To say that stars Robert De Niro and John Travolta have divergent acting styles is obvious enough that it barely warrants mentioning. Yet, that’s often one of the pleasures of seeing two respected veterans team up. Those guys are great! So different! How’re they gonna pull that off?
Oddly, one of the problems with the casting in Killing Season is that someone chose the wrong villain. De Niro’s too old now to play Travolta’s role, but a few years back he could have killed as former Bosnian soldier Emil Kovac. He would have been paired with someone else, like Benjamin Ford. Even the sometimes-limpid writing might have perked up with a little more star chemistry. That’s not to say that Travolta and De Niro don’t act well together; there are some scenes, especially early in the film, where they don’t really sizzle or shine but make for reasonably good sparring partners. (OK. It’s just one scene, actually. And there’s some good writing in it. Sort of.)
However, there are some leaps one has to make in order to get some pleasure out of this film. Travolta isn’t known for his work with accents, and although he pulls it off well enough here, we can only hope he doesn’t try it in future films. There’s also the issue of the strange beard he wears through most of the picture; it makes him look like a tired, avuncular barn cat, and Kovac’s mastery of some idioms and confusion with others is inconsistent enough that it draws notice, especially because the character himself is aware that he’s confused by idioms and points it out in the pointless, self-conscious way so many things in this script are pointed out. (Confused? Get used to it if you’re gonna watch this flick.)
De Niro has a poor relationship with his son (Chris, played by Milo Ventimiglia) and we know this only because it’s portrayed in the most obvious manner possible. So often dialogue and subtext are one and the same here, and that relationship is not strong enough in the context of the story to warrant Ventimiglia and co-star Elizabeth Olin’s time on screen. (They trek all the way to Ben Ford’s cabin only to turn around when they think he’s not home! Later, we almost believe that Ben had to fly to wherever in the heck Chris and his wife live! What?) Ventimiglia’s presence would have been more powerful had his character remained entirely absent from the present action of the story. Or maybe even from the whole movie.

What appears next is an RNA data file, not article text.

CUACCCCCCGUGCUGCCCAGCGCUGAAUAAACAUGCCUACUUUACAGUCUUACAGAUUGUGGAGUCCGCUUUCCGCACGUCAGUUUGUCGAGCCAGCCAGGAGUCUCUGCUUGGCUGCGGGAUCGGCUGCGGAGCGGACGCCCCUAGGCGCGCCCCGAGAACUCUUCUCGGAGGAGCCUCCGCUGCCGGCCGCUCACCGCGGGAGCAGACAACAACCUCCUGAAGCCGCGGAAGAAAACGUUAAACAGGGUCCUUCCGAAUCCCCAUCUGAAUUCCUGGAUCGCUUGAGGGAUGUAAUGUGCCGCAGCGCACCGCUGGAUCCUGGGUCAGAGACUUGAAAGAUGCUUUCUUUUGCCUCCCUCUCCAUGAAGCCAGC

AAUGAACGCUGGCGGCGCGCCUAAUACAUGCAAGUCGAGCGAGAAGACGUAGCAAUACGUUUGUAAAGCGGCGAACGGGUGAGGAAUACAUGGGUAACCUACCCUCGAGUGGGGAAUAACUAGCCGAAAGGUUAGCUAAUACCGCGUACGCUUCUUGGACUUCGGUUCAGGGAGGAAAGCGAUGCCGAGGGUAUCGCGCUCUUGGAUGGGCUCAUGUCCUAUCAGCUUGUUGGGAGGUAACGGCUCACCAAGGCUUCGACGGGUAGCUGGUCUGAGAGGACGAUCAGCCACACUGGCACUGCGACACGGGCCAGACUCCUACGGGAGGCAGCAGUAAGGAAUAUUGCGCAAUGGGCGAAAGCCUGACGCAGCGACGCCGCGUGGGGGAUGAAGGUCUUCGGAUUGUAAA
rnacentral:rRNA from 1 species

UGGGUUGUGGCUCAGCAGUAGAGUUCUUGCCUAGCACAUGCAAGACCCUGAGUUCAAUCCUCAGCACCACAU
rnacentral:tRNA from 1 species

Oh yeah. What’s this Bosnian cat doing in Appalachia? (Appalachia, that’s where Ford lives. Way out, too.) Kovac’s on a hunting expedition. But he’s not hunting animals! He’s hunting the man (Ford) who nearly killed him in Bosnia. He’s peeved and he’ll stop at nothing to make sure he achieves his goal. Or at least he should. But he doesn’t. It’s really more of a torturous relationship, some back and forth wounding and punishment; these two adversaries (Kovac calls Ford “a worthy adversary”, like we haven’t heard that before) in such close proximity to each other but doing little to either protect or kill each other that you begin to wonder why they didn’t just settle it all with a tickle fight. It seriously might be more interesting to watch a couple of turtles cross a desolate highway than the “fight” sequences here.
Yeah, OK, there’s also the issue of De Niro’s character not really wanting to kill anything (even though he’s serving the hunting guide). But it’s odd that Benjamin Ford claims to have served in four wars and yet seems to suggest that Kovac would have been his first kill. (Big question mark there ‘cause it doesn’t make much sense but it really does seem like what we’re supposed to believe. But c’mon. The way the script is written we almost have to believe that this guy has never even swatted a mosquito. But he’s been in four wars. Mention that yet? Four.) But all of his reluctance to actually do away with Kovac only makes you wonder why Kovac didn’t just kill Ford in the first reel.
Then there’s the resolution of the plot and here’s the big surprise: There’s no killing. No, these guys pause for a joke that one of them (non-native speaker of English) and some touchy-feely stuff that could only be more disappointing if they had a life coach working them through their little conflict. The actual ending, in which De Niro goes to see his son (pointless) and Travolta pauses to have a shot with a barmaid (pointless, though he does have a rather nice full beard at that point), could only have been made worse by someone announcing that we were watching the Hallmark commercial that the total resolution of this movie is.
We’re disappointed in you, Bob and Johnny. But, after sitting all the way through this, we should really be disappointed in ourselves.
Extra material includes a Killing Season featurette, which is totally predictable and barely worth mentioning.
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